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Panera Bread’s Charged Lemonade Costs Two People Their Lives

Lemons+on+a+pale+background.
Anglélica Echeverry
Lemons on a pale background.

Two people have died after drinking Panera Bread’s Charged Lemondates. Sarah Katz, 21, a student at the University of Pennsylvania, and Dennis Brown, 46, a Florida resident, passed away this October after drinking the caffeinated drink. Both people had pre-existing heart conditions, and their families are suing the soup-and-salad chain for the lack of proper advertising of the caffeine content (New York Times). The caffeine levels in the three lemonades (Blood Orange Charged Splash, Strawberry Lemon Mint, and Mango Yuzu Citrus) range from 260 milligrams in the regular size to 390 milligrams in the large, 30-ounce size. In comparison, their dark roast coffee ranges from only 161 milligrams in a small cup to 268 milligrams in a large cup. The drinks also contain guarana, another stimulant (NBC).

Panera issued statements after both deaths. Their first statement stressed that they are working to make the caffeine counts more transparent to consumers.  “We were saddened to learn this week about the tragic passing of Sarah Katz. While our investigation is ongoing, out of an abundance of caution, we have enhanced our existing caffeine disclosure for these beverages at our bakery-cafes, on our website and on the Panera app,” a Panera spokesperson said (NBC). After Brown’s death, Panera issued a similar comment, saying “Panera expresses our deep sympathy for Mr. Brown’s family… based on our investigation we believe his unfortunate passing was not caused by one of the company’s products. We view this lawsuit, which was filed by the same law firm as a previous claim, to be equally without merit” (New York Times).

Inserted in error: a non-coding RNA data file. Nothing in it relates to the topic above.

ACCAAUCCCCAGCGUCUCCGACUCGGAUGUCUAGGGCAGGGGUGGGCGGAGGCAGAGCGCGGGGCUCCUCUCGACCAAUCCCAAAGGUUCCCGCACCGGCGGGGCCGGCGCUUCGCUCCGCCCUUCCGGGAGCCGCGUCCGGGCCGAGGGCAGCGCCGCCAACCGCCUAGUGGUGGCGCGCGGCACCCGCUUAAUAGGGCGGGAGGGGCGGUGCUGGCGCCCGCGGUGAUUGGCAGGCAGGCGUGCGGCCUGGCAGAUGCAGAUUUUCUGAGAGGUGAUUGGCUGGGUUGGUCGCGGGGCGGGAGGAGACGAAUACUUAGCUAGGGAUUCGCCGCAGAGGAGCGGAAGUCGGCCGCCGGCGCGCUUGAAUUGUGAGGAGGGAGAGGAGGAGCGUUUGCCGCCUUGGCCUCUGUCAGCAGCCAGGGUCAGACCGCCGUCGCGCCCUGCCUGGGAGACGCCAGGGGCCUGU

The company has changed their language to state that the Charged Lemonade contains caffeine, should be consumed in moderation, and is not recommended for children, nursing or pregnant women, or those especially sensitive to caffeine. However, Philadelphia lawyer  Elizabeth Crawford, who is representing Katz’s family in this case, is saying this new verbiage is not enough. “It’s misleading in the sense that it’s not indicating that it is an energy drink,” she said. “I’m happy that we are moving in a direction of making a change, but I consider these baby steps” (NBC). 

Katz’s close friend, Victoria Rose Conroy, expressed to the press that this wouldn’t have happened if her friend had been better informed.  “She was very, very vigilant about what she needed to do to keep herself safe,” Conroy said. “I guarantee if Sarah had known how much caffeine this was, she never would have touched it with a 10-foot pole” (NBC).

Similarly, Brown’s mother and siblings have filed a wrongful-death lawsuit in a Delaware Superior Court, claiming that Brown thought the rink was safe since it was not advertised as an energy drink (Time).  This new suit claims that “Panera Charged Lemonade is a juice beverage marketed to children and adults alike,” and that “this marketing is especially dangerous to a vulnerable population, children and adults who would reasonably believe this product was lemonade and safe for consumption” (Time).

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Raina Pawloski, Staff Writer
Raina Pawloski is a senior and this is her first year as a Staff Writer on the Trumpet. She enjoys writing, reading, and baking. Raina plans to major in English and Communications in college and pursue a career in journalism, publishing, or film production.
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